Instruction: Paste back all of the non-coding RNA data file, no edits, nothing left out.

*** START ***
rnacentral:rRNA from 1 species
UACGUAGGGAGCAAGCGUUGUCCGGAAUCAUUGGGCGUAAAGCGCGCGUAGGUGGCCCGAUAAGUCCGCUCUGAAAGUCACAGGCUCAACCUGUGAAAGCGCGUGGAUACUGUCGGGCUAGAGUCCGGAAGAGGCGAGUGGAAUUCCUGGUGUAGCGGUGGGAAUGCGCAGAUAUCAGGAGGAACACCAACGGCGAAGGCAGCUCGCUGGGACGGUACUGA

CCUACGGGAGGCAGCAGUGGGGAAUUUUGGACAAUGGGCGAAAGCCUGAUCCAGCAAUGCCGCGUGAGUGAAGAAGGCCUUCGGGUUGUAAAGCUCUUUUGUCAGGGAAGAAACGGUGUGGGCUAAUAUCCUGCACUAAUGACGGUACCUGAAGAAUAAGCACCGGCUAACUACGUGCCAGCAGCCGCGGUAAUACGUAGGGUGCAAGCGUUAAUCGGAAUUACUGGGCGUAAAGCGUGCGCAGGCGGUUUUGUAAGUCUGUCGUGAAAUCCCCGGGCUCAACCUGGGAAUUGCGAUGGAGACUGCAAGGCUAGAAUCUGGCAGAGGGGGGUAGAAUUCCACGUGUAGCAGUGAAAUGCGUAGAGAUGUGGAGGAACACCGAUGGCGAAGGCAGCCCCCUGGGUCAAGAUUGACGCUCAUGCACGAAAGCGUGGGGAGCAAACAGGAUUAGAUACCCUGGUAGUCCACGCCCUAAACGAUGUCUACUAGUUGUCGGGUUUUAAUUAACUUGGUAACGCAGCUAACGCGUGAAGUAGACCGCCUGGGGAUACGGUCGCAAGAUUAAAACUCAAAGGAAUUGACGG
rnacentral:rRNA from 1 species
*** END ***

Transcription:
rnacentral:rRNA from 1 species
UACGUAGGGAGCAAGCGUUGUCCGGAAUCAUUGGGCGUAAAGCGCGCGUAGGUGGCCCGAUAAGUCCGCUCUGAAAGUCACAGGCUCAACCUGUGAAAGCGCGUGGAUACUGUCGGGCUAGAGUCCGGAAGAGGCGAGUGGAAUUCCUGGUGUAGCGGUGGGAAUGCGCAGAUAUCAGGAGGAACACCAACGGCGAAGGCAGCUCGCUGGGACGGUACUGA

CCUACGGGAGGCAGCAGUGGGGAAUUUUGGACAAUGGGCGAAAGCCUGAUCCAGCAAUGCCGCGUGAGUGAAGAAGGCCUUCGGGUUGUAAAGCUCUUUUGUCAGGGAAGAAACGGUGUGGGCUAAUAUCCUGCACUAAUGACGGUACCUGAAGAAUAAGCACCGGCUAACUACGUGCCAGCAGCCGCGGUAAUACGUAGGGUGCAAGCGUUAAUCGGAAUUACUGGGCGUAAAGCGUGCGCAGGCGGUUUUGUAAGUCUGUCGUGAAAUCCCCGGGCUCAACCUGGGAAUUGCGAUGGAGACUGCAAGGCUAGAAUCUGGCAGAGGGGGGUAGAAUUCCACGUGUAGCAGUGAAAUGCGUAGAGAUGUGGAGGAACACCGAUGGCGAAGGCAGCCCCCUGGGUCAAGAUUGACGCUCAUGCACGAAAGCGUGGGGAGCAAACAGGAUUAGAUACCCUGGUAGUCCACGCCCUAAACGAUGUCUACUAGUUGUCGGGUUUUAAUUAACUUGGUAACGCAGCUAACGCGUGAAGUAGACCGCCUGGGGAUACGGUCGCAAGAUUAAAACUCAAAGGAAUUGACGG
rnacentral:rRNA from 1 species